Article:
Absolutely—if we don’t, we’re not meeting our mission to perform the underperformed, and to engage audiences and artists in a contemporary dialogue. We’ll continue to seek out opportunities to commission new works; beyond the commission that will close As Told By [Jonathan Bailey Holland’s The Bridge], we are co-commissioning a new work by Shelley Washington as part of New Music USA’s Amplifying Voices initiative. The more opportunities we and other orchestras have to commission or premiere works, the better. At the same time, a large part of BMOP has been resurrecting, performing, and recording works that had a premiere without many subsequent performances. For example, in April 2023 we’ll return to Lei Liang’s A Thousand Mountains, A Million Streams, a BMOP commission that has not been performed in the US since its world premiere in 2018. And we’ll keep recording, since recording the work adds it to the permanent record of classical music, shifting the canon one album at a time.
How has equity, diversity, and inclusion developed since you first founded BMOP in 1996?
Inclusion is at the heart of BMOP’s mission, as our programming seeks to correct imbalanced representation in today’s classical canon. There’s an imbalance certainly in terms of era, but by performing more modern and contemporary orchestral music we can uplift composers with diverse gender identities, racial and ethnic backgrounds, and musical styles and influences. In some ways, we’re a step ahead of our colleagues in the orchestra world, who are increasingly asking themselves whose voices are represented in their concert halls; but we certainly can’t take our foot off the gas. We’ll always lead with our programming, but we need to think beyond–to the communities we want to engage through our music, from artists to audiences and beyond. One of the particularly exciting things about As Told By is it offers an opportunity to correct inequitable representation of the stories told through classical music, as well as the composers who get to tell the stories we hear.
How did you choose which pieces to record?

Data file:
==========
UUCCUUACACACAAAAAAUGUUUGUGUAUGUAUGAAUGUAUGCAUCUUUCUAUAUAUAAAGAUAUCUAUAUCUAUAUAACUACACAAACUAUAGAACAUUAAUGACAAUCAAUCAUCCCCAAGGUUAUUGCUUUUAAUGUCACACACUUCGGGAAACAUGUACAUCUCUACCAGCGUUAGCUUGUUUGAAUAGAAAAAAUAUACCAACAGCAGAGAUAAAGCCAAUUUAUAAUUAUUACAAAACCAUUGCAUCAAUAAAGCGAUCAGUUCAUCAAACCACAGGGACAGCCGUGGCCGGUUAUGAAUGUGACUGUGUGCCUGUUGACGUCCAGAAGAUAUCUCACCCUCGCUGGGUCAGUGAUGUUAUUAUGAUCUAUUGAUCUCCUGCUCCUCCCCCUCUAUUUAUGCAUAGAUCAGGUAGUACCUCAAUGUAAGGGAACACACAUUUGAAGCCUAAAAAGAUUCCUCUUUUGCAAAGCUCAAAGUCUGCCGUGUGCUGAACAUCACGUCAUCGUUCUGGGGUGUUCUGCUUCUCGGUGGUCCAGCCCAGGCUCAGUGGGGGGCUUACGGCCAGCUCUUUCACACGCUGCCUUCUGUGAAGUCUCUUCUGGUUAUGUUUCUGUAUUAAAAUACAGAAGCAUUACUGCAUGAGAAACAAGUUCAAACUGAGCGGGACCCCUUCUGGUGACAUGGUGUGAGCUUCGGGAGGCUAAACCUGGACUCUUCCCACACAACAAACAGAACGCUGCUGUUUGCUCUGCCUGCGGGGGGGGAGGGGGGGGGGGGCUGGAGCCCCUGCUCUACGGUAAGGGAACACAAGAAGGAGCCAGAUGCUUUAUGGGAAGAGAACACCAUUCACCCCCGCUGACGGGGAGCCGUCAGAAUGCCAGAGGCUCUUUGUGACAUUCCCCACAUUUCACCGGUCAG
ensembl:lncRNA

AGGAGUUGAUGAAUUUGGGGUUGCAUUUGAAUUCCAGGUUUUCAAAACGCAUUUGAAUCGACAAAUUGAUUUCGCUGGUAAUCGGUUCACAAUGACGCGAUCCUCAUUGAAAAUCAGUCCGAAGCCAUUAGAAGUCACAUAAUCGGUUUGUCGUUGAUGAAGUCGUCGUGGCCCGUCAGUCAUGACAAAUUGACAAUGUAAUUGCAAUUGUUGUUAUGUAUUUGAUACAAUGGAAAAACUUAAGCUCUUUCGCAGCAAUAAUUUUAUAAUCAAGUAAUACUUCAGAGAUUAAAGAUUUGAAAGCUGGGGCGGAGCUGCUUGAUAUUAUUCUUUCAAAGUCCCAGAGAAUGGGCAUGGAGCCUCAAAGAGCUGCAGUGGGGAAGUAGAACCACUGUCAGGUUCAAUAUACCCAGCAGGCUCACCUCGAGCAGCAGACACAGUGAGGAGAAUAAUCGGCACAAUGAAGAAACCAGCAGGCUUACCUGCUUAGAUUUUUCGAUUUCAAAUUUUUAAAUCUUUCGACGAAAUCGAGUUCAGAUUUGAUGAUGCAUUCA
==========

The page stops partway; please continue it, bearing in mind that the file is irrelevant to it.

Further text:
The BMOP/sound and Odyssey Opera record labels were always in the back of my mind as part of preserving the repertoire, so creating these recordings was always going to be an important part of this initiative. Each of these five operas is important from an artistic perspective as well as for their connections to Boston—whether that is the story, the subjects’, or the composers’ relationships to the area. Having permanent access to a seminal work in operatic history or a new work from a living composer furthers the missions of both companies.
What was the process of preparing these works for performance and recording like?
Our various recording projects often drive our concert programming, so the rehearsals and the concerts themselves also function as preparation for the recordings. In addition to creating these recordings as a vital artistic and historical endeavor, we’re excited to see the new and continued life these works receive in other live productions across the country.
How did this process compare to researching Henry VIII, The Queen of Sheba, or even The Chronicle of Nine?
For one, three of the five composers are living, which means we will get to work directly with them to bring their works to life. With Henry VIII and The Queen of Sheba, we were reconstructing works that were 150 years old, so there was some educated guesswork in realizing the operas. With all 20th- and 21st-century composers in this project, we have access to more information and resources to fulfill each artist’s intentions.